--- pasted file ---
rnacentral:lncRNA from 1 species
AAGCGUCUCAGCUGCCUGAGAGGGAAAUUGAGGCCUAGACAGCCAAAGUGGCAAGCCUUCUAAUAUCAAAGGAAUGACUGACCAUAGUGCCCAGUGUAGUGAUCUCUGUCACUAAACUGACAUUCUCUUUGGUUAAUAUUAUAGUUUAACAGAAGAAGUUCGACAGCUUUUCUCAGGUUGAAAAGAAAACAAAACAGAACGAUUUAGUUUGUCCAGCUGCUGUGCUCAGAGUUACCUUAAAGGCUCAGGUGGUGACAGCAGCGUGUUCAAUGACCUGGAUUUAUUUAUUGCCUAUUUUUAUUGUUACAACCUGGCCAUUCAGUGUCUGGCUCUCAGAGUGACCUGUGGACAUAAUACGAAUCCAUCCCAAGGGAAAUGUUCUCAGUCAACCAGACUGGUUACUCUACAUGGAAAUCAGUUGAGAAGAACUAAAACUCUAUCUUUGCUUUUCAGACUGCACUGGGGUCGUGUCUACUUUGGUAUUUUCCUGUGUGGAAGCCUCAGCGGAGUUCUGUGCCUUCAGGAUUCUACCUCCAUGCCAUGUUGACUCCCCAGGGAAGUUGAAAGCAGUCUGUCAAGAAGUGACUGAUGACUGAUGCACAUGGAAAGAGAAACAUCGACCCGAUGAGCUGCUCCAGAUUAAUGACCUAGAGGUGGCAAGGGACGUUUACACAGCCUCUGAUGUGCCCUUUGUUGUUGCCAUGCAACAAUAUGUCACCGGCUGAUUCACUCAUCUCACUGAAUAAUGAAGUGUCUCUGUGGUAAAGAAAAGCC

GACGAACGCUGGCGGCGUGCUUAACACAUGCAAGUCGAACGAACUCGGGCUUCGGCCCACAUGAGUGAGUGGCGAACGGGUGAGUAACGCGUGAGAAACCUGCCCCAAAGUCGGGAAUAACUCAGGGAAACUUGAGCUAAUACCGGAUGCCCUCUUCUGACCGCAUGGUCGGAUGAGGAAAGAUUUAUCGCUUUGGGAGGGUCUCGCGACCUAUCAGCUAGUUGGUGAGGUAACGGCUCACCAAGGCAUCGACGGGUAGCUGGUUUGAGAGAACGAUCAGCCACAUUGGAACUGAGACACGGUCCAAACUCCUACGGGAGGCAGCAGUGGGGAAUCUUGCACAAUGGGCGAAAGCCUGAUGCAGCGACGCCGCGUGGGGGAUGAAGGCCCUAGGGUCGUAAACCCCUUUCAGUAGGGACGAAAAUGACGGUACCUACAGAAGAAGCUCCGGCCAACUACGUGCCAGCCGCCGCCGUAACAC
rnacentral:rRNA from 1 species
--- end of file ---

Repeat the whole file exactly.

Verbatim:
rnacentral:lncRNA from 1 species
AAGCGUCUCAGCUGCCUGAGAGGGAAAUUGAGGCCUAGACAGCCAAAGUGGCAAGCCUUCUAAUAUCAAAGGAAUGACUGACCAUAGUGCCCAGUGUAGUGAUCUCUGUCACUAAACUGACAUUCUCUUUGGUUAAUAUUAUAGUUUAACAGAAGAAGUUCGACAGCUUUUCUCAGGUUGAAAAGAAAACAAAACAGAACGAUUUAGUUUGUCCAGCUGCUGUGCUCAGAGUUACCUUAAAGGCUCAGGUGGUGACAGCAGCGUGUUCAAUGACCUGGAUUUAUUUAUUGCCUAUUUUUAUUGUUACAACCUGGCCAUUCAGUGUCUGGCUCUCAGAGUGACCUGUGGACAUAAUACGAAUCCAUCCCAAGGGAAAUGUUCUCAGUCAACCAGACUGGUUACUCUACAUGGAAAUCAGUUGAGAAGAACUAAAACUCUAUCUUUGCUUUUCAGACUGCACUGGGGUCGUGUCUACUUUGGUAUUUUCCUGUGUGGAAGCCUCAGCGGAGUUCUGUGCCUUCAGGAUUCUACCUCCAUGCCAUGUUGACUCCCCAGGGAAGUUGAAAGCAGUCUGUCAAGAAGUGACUGAUGACUGAUGCACAUGGAAAGAGAAACAUCGACCCGAUGAGCUGCUCCAGAUUAAUGACCUAGAGGUGGCAAGGGACGUUUACACAGCCUCUGAUGUGCCCUUUGUUGUUGCCAUGCAACAAUAUGUCACCGGCUGAUUCACUCAUCUCACUGAAUAAUGAAGUGUCUCUGUGGUAAAGAAAAGCC

GACGAACGCUGGCGGCGUGCUUAACACAUGCAAGUCGAACGAACUCGGGCUUCGGCCCACAUGAGUGAGUGGCGAACGGGUGAGUAACGCGUGAGAAACCUGCCCCAAAGUCGGGAAUAACUCAGGGAAACUUGAGCUAAUACCGGAUGCCCUCUUCUGACCGCAUGGUCGGAUGAGGAAAGAUUUAUCGCUUUGGGAGGGUCUCGCGACCUAUCAGCUAGUUGGUGAGGUAACGGCUCACCAAGGCAUCGACGGGUAGCUGGUUUGAGAGAACGAUCAGCCACAUUGGAACUGAGACACGGUCCAAACUCCUACGGGAGGCAGCAGUGGGGAAUCUUGCACAAUGGGCGAAAGCCUGAUGCAGCGACGCCGCGUGGGGGAUGAAGGCCCUAGGGUCGUAAACCCCUUUCAGUAGGGACGAAAAUGACGGUACCUACAGAAGAAGCUCCGGCCAACUACGUGCCAGCCGCCGCCGUAACAC
rnacentral:rRNA from 1 species